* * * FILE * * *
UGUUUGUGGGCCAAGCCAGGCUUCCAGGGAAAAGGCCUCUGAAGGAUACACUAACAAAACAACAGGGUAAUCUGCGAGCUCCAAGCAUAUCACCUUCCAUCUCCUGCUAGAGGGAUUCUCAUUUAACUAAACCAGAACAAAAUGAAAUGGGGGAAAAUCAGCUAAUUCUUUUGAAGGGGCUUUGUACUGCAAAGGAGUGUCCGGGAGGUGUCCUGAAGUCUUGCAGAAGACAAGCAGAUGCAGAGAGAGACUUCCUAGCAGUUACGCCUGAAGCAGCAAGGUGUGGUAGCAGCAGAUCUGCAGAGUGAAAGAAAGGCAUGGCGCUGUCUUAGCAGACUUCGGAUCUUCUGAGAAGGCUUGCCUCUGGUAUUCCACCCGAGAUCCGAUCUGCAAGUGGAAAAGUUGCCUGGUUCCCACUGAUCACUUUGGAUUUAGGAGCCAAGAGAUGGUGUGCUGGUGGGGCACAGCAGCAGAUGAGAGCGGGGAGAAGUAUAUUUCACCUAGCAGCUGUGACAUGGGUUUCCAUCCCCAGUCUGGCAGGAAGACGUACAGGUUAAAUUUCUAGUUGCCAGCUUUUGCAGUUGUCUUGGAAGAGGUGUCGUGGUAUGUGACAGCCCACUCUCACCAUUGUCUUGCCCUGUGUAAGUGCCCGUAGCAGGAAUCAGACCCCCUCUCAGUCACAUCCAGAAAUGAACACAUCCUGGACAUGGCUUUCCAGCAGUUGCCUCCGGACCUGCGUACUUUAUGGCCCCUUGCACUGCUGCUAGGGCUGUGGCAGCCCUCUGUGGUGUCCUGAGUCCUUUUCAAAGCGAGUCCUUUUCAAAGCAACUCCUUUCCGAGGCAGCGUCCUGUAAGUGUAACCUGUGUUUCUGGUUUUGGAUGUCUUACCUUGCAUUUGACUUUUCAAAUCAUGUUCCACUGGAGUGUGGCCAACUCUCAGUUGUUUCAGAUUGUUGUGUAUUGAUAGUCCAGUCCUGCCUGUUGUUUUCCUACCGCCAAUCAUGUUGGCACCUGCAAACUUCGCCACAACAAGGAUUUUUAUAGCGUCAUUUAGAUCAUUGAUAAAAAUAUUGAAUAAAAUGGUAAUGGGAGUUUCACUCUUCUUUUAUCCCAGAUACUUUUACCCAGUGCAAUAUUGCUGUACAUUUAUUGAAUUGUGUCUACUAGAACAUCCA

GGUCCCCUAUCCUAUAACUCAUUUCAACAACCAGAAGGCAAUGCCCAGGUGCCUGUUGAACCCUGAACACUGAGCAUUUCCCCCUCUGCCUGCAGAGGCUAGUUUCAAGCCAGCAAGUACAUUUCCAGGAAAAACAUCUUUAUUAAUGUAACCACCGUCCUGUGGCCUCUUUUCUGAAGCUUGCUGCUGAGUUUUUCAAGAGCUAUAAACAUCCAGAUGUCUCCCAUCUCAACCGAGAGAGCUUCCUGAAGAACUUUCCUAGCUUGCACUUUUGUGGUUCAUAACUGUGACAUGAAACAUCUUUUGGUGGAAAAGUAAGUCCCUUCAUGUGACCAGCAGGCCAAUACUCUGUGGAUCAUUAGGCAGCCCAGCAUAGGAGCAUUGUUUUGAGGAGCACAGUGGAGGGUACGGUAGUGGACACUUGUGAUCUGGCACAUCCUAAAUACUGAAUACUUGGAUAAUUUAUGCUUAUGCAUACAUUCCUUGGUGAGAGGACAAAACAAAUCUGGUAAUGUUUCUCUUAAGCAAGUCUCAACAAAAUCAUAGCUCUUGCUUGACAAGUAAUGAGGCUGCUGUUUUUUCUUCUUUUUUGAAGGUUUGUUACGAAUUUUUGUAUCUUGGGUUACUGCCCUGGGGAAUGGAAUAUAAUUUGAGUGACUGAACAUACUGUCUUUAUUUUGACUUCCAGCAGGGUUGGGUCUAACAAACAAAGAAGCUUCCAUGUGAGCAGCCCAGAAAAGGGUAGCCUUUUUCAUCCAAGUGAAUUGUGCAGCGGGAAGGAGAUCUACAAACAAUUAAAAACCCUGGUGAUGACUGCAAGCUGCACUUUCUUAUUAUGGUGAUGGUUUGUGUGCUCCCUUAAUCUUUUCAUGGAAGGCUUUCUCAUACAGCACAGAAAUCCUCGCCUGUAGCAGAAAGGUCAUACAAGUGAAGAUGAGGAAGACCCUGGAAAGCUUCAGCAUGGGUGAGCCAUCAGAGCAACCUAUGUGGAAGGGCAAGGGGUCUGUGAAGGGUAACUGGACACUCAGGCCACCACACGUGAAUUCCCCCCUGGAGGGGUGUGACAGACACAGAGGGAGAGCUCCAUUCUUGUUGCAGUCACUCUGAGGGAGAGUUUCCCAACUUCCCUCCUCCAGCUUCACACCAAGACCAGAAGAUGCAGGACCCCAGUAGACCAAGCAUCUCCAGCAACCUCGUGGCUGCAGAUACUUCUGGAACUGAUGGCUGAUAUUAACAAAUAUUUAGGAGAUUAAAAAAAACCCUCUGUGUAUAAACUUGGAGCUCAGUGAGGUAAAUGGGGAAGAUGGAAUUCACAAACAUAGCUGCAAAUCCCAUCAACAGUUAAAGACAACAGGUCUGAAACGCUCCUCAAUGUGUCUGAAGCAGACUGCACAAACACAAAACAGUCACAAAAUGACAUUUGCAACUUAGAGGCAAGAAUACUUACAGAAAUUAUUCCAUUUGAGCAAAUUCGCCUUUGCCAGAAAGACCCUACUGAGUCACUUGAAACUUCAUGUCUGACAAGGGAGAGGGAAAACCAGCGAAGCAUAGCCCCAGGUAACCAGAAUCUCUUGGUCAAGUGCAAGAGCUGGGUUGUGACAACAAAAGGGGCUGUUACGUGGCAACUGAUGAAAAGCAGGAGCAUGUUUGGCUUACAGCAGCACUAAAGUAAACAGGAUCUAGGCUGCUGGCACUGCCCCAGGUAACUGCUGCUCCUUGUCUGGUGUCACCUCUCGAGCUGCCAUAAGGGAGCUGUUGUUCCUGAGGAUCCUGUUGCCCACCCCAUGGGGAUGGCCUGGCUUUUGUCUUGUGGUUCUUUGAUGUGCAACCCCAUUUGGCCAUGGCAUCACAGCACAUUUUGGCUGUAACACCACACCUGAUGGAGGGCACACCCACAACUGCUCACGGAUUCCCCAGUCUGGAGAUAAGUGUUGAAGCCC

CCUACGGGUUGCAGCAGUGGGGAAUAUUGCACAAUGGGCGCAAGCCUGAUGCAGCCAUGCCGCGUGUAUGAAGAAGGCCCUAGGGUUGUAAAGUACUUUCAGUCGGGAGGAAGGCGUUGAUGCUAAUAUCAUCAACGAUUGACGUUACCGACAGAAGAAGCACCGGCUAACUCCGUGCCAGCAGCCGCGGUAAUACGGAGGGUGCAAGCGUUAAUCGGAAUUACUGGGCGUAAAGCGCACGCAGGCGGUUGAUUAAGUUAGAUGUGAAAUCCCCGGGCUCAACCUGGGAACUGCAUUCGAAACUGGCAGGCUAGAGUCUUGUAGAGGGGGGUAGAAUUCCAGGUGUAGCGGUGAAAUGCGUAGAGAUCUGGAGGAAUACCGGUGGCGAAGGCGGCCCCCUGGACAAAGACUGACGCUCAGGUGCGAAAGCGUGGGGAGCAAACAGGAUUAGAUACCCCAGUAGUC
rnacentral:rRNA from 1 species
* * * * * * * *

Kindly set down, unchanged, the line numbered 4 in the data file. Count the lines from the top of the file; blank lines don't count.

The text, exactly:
rnacentral:rRNA from 1 species